In New England towns are more important than counties as genealogical record keepers. So it is useful for genealogy researchers to have maps showing each town and the town’s neighbors in New England, New York, and Canada. FamilySearch Wiki contributors are at work adding maps to the Wiki for each New England county showing its towns. Eventually the maps will be “clickable” so a click on the map will take the reader to the page describing the records of the town that was clicked. See Massachusetts towns for examples of the finished “clickable” maps. So far we have added Wiki maps for:
- Connecticut: 8 county maps with 169 cities or towns
- Massachusetts: 14 county maps with 351 cities or towns
- New Hampshire: 10 county maps with 13 cities, 221 towns, and 24 unorganized townships
- Rhode Island: 5 county maps with 8 cities and 31 towns
- and most of Maine: 12 of 16 county maps with 22 cities, 435 towns, 33 plantations, 424 unorganized townships, and 3 Indian reservations.
Similar Vermont maps might be added in the future.
Fun things I have learned working on maps for the New England states of the Wiki:
- Towns in New England normally keep records; townships in New England normally do not. In a few cases, former towns with a declining population have lost their town status and become unorganized townships. Records of former towns are often sent to a neighboring town.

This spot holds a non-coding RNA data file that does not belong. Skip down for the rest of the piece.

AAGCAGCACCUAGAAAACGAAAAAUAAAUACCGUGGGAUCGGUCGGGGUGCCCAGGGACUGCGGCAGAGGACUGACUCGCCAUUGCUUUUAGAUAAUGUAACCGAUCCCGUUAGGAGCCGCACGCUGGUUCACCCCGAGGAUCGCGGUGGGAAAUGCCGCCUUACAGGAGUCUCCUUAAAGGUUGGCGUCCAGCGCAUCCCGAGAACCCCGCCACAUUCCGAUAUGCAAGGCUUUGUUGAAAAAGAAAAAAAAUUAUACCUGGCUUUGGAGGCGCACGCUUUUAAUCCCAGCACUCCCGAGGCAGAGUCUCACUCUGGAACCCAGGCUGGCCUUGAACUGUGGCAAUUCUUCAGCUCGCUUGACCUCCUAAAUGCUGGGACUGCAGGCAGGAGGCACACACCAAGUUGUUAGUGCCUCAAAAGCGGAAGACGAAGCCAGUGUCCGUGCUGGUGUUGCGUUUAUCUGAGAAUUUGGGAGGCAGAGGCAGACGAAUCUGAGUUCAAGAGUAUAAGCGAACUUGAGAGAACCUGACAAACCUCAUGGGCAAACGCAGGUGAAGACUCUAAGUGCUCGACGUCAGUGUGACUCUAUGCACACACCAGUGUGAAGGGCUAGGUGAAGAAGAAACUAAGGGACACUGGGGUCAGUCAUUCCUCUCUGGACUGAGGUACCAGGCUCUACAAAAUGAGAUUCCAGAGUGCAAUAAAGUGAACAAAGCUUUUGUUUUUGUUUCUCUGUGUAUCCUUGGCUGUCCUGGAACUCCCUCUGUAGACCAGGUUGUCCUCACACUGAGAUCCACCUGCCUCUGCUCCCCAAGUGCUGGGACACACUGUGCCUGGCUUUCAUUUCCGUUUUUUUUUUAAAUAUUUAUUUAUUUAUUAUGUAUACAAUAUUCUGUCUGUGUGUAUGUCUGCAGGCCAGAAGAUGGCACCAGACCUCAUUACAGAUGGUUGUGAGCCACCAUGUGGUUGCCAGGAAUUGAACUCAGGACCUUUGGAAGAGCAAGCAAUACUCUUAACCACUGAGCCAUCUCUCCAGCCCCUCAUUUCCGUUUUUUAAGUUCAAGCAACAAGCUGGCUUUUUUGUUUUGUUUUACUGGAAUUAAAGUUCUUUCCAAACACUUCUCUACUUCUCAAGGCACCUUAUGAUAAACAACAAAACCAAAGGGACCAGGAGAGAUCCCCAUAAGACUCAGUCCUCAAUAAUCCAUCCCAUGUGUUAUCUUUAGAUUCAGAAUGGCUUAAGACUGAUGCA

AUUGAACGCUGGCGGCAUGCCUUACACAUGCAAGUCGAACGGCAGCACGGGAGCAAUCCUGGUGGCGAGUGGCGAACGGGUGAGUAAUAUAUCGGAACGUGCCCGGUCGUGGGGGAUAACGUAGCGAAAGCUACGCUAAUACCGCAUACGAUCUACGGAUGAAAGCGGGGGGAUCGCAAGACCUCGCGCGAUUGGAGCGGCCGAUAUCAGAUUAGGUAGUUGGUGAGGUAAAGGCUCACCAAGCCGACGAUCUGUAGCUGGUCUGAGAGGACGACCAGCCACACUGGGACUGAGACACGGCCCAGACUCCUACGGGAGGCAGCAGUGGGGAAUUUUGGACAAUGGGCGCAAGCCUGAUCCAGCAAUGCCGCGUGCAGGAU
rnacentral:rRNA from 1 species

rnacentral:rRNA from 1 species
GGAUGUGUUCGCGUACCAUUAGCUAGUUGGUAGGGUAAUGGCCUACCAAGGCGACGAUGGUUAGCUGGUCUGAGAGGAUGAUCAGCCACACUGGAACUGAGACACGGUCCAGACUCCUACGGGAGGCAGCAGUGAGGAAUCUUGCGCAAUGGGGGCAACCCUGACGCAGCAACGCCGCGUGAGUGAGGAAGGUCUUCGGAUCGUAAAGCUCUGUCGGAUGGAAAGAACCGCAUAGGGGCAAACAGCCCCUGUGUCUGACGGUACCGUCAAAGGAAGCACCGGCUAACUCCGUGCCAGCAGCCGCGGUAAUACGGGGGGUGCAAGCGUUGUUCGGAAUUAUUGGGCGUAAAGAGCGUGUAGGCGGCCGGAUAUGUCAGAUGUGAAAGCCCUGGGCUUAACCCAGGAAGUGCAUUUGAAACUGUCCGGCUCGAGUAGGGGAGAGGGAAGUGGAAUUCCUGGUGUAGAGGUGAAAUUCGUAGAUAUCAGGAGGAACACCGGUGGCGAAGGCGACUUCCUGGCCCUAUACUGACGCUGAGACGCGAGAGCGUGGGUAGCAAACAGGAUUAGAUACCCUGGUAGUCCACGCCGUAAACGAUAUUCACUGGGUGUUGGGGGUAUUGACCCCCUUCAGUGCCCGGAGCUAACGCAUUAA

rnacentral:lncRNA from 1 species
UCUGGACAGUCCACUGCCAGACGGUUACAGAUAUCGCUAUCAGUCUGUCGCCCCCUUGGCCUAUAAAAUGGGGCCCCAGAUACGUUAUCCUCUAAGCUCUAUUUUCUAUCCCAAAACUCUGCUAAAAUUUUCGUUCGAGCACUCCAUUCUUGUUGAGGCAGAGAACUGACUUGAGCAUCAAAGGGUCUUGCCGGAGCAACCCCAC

- Over the years Boston has annexed various previously independent cities. So genealogical records exist prior to annexation, and as part of Boston afterward. Some of the cities annexed by Boston were originally outside Suffolk County.
- A gore is a sparsely populated piece of land often overlooked by surveyors. Other low-population entities such as grants, purchases, and locations show up on some town-level maps but usually have no official record keepers.
- In Maine, a plantation is organized for places on a level between towns and unorganized townships. Many Maine islands are organized as plantations.
- Connecticut no longer has county governments.
- It is surprising how many islands of New England are inhabited, including a town government.
- Louds Island seceded from the town of Bristol, Maine, and the United States about 1860 because the mainlanders allegedly refused to recognize the votes cast by islanders in the 1860 election. Town status was never restored, but they rejoined the Union in the early 1900s.